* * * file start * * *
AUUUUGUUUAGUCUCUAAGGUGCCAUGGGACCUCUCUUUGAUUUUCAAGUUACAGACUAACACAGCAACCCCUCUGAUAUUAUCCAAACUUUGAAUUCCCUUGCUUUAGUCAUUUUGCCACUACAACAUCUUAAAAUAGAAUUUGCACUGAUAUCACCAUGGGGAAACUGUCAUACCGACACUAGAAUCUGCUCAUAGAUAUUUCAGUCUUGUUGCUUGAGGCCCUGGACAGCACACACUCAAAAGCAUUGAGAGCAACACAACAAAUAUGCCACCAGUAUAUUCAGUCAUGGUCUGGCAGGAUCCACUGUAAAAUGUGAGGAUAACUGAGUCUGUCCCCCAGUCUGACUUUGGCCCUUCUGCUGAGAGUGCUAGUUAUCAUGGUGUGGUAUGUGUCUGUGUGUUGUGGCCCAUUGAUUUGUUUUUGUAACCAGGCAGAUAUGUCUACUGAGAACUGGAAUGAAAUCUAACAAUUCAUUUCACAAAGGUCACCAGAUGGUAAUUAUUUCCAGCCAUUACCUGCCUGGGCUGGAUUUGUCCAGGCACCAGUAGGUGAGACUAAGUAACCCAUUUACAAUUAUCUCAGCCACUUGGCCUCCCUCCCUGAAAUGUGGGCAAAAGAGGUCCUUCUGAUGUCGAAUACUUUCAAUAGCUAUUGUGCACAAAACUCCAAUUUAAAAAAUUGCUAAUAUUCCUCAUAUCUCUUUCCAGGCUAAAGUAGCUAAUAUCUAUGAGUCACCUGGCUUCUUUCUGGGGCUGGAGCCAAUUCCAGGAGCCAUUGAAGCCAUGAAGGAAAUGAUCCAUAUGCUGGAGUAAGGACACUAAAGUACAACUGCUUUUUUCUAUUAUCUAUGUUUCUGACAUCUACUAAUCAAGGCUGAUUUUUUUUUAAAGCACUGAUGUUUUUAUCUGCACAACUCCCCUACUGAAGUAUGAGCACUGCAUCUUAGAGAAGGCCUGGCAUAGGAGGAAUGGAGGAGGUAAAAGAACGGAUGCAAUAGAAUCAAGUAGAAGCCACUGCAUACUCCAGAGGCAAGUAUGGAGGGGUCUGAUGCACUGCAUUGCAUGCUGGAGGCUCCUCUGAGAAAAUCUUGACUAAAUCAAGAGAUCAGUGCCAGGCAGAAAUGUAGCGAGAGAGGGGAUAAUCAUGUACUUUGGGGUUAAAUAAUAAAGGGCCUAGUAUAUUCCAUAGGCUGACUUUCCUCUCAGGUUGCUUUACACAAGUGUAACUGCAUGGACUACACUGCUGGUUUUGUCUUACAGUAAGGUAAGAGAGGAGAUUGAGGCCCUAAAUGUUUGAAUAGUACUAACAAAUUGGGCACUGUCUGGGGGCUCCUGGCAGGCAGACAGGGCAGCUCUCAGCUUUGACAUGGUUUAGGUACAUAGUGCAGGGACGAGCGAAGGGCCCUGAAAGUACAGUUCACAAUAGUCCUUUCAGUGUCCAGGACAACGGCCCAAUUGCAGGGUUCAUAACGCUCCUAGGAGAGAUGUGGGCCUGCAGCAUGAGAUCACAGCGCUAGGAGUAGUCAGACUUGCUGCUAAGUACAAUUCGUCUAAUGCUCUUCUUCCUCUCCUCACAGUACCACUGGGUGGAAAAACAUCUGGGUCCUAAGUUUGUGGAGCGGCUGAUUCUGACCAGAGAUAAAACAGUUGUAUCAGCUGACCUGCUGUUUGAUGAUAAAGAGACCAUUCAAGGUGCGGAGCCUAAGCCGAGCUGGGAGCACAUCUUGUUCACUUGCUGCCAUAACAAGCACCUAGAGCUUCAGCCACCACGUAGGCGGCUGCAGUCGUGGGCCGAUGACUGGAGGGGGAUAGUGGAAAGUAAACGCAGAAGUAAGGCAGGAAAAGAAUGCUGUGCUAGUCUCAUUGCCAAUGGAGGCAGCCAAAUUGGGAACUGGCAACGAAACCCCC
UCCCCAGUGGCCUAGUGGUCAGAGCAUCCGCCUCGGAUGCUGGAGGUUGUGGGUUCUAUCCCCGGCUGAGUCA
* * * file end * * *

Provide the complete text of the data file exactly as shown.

AUUUUGUUUAGUCUCUAAGGUGCCAUGGGACCUCUCUUUGAUUUUCAAGUUACAGACUAACACAGCAACCCCUCUGAUAUUAUCCAAACUUUGAAUUCCCUUGCUUUAGUCAUUUUGCCACUACAACAUCUUAAAAUAGAAUUUGCACUGAUAUCACCAUGGGGAAACUGUCAUACCGACACUAGAAUCUGCUCAUAGAUAUUUCAGUCUUGUUGCUUGAGGCCCUGGACAGCACACACUCAAAAGCAUUGAGAGCAACACAACAAAUAUGCCACCAGUAUAUUCAGUCAUGGUCUGGCAGGAUCCACUGUAAAAUGUGAGGAUAACUGAGUCUGUCCCCCAGUCUGACUUUGGCCCUUCUGCUGAGAGUGCUAGUUAUCAUGGUGUGGUAUGUGUCUGUGUGUUGUGGCCCAUUGAUUUGUUUUUGUAACCAGGCAGAUAUGUCUACUGAGAACUGGAAUGAAAUCUAACAAUUCAUUUCACAAAGGUCACCAGAUGGUAAUUAUUUCCAGCCAUUACCUGCCUGGGCUGGAUUUGUCCAGGCACCAGUAGGUGAGACUAAGUAACCCAUUUACAAUUAUCUCAGCCACUUGGCCUCCCUCCCUGAAAUGUGGGCAAAAGAGGUCCUUCUGAUGUCGAAUACUUUCAAUAGCUAUUGUGCACAAAACUCCAAUUUAAAAAAUUGCUAAUAUUCCUCAUAUCUCUUUCCAGGCUAAAGUAGCUAAUAUCUAUGAGUCACCUGGCUUCUUUCUGGGGCUGGAGCCAAUUCCAGGAGCCAUUGAAGCCAUGAAGGAAAUGAUCCAUAUGCUGGAGUAAGGACACUAAAGUACAACUGCUUUUUUCUAUUAUCUAUGUUUCUGACAUCUACUAAUCAAGGCUGAUUUUUUUUUAAAGCACUGAUGUUUUUAUCUGCACAACUCCCCUACUGAAGUAUGAGCACUGCAUCUUAGAGAAGGCCUGGCAUAGGAGGAAUGGAGGAGGUAAAAGAACGGAUGCAAUAGAAUCAAGUAGAAGCCACUGCAUACUCCAGAGGCAAGUAUGGAGGGGUCUGAUGCACUGCAUUGCAUGCUGGAGGCUCCUCUGAGAAAAUCUUGACUAAAUCAAGAGAUCAGUGCCAGGCAGAAAUGUAGCGAGAGAGGGGAUAAUCAUGUACUUUGGGGUUAAAUAAUAAAGGGCCUAGUAUAUUCCAUAGGCUGACUUUCCUCUCAGGUUGCUUUACACAAGUGUAACUGCAUGGACUACACUGCUGGUUUUGUCUUACAGUAAGGUAAGAGAGGAGAUUGAGGCCCUAAAUGUUUGAAUAGUACUAACAAAUUGGGCACUGUCUGGGGGCUCCUGGCAGGCAGACAGGGCAGCUCUCAGCUUUGACAUGGUUUAGGUACAUAGUGCAGGGACGAGCGAAGGGCCCUGAAAGUACAGUUCACAAUAGUCCUUUCAGUGUCCAGGACAACGGCCCAAUUGCAGGGUUCAUAACGCUCCUAGGAGAGAUGUGGGCCUGCAGCAUGAGAUCACAGCGCUAGGAGUAGUCAGACUUGCUGCUAAGUACAAUUCGUCUAAUGCUCUUCUUCCUCUCCUCACAGUACCACUGGGUGGAAAAACAUCUGGGUCCUAAGUUUGUGGAGCGGCUGAUUCUGACCAGAGAUAAAACAGUUGUAUCAGCUGACCUGCUGUUUGAUGAUAAAGAGACCAUUCAAGGUGCGGAGCCUAAGCCGAGCUGGGAGCACAUCUUGUUCACUUGCUGCCAUAACAAGCACCUAGAGCUUCAGCCACCACGUAGGCGGCUGCAGUCGUGGGCCGAUGACUGGAGGGGGAUAGUGGAAAGUAAACGCAGAAGUAAGGCAGGAAAAGAAUGCUGUGCUAGUCUCAUUGCCAAUGGAGGCAGCCAAAUUGGGAACUGGCAACGAAACCCCC
UCCCCAGUGGCCUAGUGGUCAGAGCAUCCGCCUCGGAUGCUGGAGGUUGUGGGUUCUAUCCCCGGCUGAGUCA